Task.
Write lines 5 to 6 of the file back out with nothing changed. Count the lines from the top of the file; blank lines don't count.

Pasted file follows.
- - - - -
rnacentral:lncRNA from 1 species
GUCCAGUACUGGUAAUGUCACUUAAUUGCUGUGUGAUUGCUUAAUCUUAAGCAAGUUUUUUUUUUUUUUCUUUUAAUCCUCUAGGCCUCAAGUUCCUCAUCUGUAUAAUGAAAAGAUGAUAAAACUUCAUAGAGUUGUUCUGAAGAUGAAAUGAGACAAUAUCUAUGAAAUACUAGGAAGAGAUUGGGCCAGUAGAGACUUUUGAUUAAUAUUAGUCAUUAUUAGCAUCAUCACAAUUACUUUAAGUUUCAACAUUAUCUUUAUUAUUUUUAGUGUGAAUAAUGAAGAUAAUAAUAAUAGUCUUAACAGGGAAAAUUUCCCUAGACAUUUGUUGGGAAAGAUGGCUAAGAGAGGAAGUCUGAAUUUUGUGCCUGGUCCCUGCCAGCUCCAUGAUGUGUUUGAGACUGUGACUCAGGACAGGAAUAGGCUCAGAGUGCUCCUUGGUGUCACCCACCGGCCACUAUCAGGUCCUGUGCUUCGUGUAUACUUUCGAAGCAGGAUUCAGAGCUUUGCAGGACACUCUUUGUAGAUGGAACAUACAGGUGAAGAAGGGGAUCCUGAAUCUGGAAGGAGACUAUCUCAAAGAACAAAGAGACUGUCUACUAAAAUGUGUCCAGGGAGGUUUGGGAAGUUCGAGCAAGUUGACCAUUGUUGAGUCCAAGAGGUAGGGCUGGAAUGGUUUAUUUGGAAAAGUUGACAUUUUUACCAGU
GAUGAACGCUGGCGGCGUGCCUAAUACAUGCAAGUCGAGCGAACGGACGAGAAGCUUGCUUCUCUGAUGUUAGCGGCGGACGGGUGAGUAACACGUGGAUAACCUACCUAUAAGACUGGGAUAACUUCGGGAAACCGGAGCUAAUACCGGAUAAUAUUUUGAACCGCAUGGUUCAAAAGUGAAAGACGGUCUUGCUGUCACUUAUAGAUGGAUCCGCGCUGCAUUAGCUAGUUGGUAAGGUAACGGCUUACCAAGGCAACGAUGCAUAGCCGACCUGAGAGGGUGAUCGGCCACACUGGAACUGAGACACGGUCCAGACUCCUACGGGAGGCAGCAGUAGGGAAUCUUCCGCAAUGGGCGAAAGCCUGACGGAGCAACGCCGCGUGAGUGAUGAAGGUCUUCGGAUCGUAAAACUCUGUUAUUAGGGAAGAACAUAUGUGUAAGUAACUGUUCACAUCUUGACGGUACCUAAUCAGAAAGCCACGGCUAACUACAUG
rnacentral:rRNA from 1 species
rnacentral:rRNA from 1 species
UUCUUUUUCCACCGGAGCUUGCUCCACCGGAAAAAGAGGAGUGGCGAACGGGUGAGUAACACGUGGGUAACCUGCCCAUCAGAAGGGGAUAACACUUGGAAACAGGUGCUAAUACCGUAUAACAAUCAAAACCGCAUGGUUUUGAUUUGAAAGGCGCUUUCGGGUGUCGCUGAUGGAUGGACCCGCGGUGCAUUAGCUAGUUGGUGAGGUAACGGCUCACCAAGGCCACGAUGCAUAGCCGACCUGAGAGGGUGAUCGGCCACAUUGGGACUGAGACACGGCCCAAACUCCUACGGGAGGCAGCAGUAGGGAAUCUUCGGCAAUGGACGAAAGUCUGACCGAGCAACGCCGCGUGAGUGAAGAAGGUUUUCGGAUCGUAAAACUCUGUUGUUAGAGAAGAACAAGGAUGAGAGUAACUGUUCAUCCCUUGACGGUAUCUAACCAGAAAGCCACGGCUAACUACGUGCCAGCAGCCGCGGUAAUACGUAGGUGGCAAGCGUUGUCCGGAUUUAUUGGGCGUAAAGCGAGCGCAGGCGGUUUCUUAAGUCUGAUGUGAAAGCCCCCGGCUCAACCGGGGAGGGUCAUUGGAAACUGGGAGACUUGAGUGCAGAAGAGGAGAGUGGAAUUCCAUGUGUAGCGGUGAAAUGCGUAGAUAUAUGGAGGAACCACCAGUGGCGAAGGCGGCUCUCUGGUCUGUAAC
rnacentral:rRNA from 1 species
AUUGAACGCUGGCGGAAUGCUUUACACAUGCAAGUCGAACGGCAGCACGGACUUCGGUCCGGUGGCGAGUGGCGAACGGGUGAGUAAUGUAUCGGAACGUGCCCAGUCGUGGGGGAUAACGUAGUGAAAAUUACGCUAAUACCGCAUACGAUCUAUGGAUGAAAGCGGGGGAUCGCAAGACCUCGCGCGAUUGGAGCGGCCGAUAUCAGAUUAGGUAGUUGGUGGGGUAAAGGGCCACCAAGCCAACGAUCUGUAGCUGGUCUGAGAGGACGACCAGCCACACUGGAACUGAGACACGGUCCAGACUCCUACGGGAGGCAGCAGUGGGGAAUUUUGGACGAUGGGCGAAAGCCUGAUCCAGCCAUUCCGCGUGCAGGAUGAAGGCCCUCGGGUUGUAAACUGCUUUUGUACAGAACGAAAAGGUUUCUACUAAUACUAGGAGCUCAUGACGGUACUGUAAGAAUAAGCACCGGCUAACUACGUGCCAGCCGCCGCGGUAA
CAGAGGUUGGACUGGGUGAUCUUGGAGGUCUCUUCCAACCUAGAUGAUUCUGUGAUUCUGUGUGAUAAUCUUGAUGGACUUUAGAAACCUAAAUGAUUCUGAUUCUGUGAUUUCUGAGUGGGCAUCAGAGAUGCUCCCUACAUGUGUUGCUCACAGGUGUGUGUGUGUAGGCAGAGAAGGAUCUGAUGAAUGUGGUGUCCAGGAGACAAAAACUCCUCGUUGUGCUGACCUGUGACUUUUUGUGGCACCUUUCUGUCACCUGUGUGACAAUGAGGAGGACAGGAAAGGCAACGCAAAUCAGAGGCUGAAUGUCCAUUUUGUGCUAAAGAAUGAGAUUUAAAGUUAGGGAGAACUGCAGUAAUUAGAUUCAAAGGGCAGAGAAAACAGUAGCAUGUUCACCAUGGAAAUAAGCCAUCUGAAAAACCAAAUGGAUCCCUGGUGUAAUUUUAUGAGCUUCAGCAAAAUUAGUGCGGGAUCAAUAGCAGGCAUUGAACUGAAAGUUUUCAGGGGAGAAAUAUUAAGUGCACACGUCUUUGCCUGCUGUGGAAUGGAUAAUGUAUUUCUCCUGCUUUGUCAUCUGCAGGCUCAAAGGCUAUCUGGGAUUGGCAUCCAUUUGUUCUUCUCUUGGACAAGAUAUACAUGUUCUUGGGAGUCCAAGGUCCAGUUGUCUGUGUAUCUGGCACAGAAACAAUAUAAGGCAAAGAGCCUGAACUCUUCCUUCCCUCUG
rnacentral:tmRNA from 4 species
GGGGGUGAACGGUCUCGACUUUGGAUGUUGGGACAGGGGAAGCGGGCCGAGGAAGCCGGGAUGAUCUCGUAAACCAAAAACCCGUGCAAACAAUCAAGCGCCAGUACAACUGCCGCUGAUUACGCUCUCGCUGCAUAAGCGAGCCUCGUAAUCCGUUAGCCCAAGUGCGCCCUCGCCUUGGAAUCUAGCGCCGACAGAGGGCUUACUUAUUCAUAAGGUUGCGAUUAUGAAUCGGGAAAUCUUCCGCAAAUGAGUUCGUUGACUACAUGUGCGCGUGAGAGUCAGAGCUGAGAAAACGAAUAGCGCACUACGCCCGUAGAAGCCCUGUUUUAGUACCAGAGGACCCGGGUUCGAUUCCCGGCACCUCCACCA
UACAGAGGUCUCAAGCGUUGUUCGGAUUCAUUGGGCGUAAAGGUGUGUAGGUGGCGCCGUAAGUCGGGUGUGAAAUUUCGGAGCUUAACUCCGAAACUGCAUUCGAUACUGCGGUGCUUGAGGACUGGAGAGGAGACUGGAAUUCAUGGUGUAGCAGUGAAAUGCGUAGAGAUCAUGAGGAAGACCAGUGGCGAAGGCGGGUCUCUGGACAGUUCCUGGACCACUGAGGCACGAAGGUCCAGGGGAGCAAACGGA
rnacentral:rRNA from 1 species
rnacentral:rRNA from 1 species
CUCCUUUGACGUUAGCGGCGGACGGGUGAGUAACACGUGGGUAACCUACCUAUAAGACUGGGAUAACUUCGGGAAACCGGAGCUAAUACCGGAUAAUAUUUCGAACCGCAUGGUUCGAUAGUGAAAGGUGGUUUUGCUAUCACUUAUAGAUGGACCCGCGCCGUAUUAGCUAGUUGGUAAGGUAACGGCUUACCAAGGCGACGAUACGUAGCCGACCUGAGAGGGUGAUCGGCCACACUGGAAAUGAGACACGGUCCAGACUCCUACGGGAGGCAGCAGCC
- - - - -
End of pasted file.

rnacentral:rRNA from 1 species
UUCUUUUUCCACCGGAGCUUGCUCCACCGGAAAAAGAGGAGUGGCGAACGGGUGAGUAACACGUGGGUAACCUGCCCAUCAGAAGGGGAUAACACUUGGAAACAGGUGCUAAUACCGUAUAACAAUCAAAACCGCAUGGUUUUGAUUUGAAAGGCGCUUUCGGGUGUCGCUGAUGGAUGGACCCGCGGUGCAUUAGCUAGUUGGUGAGGUAACGGCUCACCAAGGCCACGAUGCAUAGCCGACCUGAGAGGGUGAUCGGCCACAUUGGGACUGAGACACGGCCCAAACUCCUACGGGAGGCAGCAGUAGGGAAUCUUCGGCAAUGGACGAAAGUCUGACCGAGCAACGCCGCGUGAGUGAAGAAGGUUUUCGGAUCGUAAAACUCUGUUGUUAGAGAAGAACAAGGAUGAGAGUAACUGUUCAUCCCUUGACGGUAUCUAACCAGAAAGCCACGGCUAACUACGUGCCAGCAGCCGCGGUAAUACGUAGGUGGCAAGCGUUGUCCGGAUUUAUUGGGCGUAAAGCGAGCGCAGGCGGUUUCUUAAGUCUGAUGUGAAAGCCCCCGGCUCAACCGGGGAGGGUCAUUGGAAACUGGGAGACUUGAGUGCAGAAGAGGAGAGUGGAAUUCCAUGUGUAGCGGUGAAAUGCGUAGAUAUAUGGAGGAACCACCAGUGGCGAAGGCGGCUCUCUGGUCUGUAAC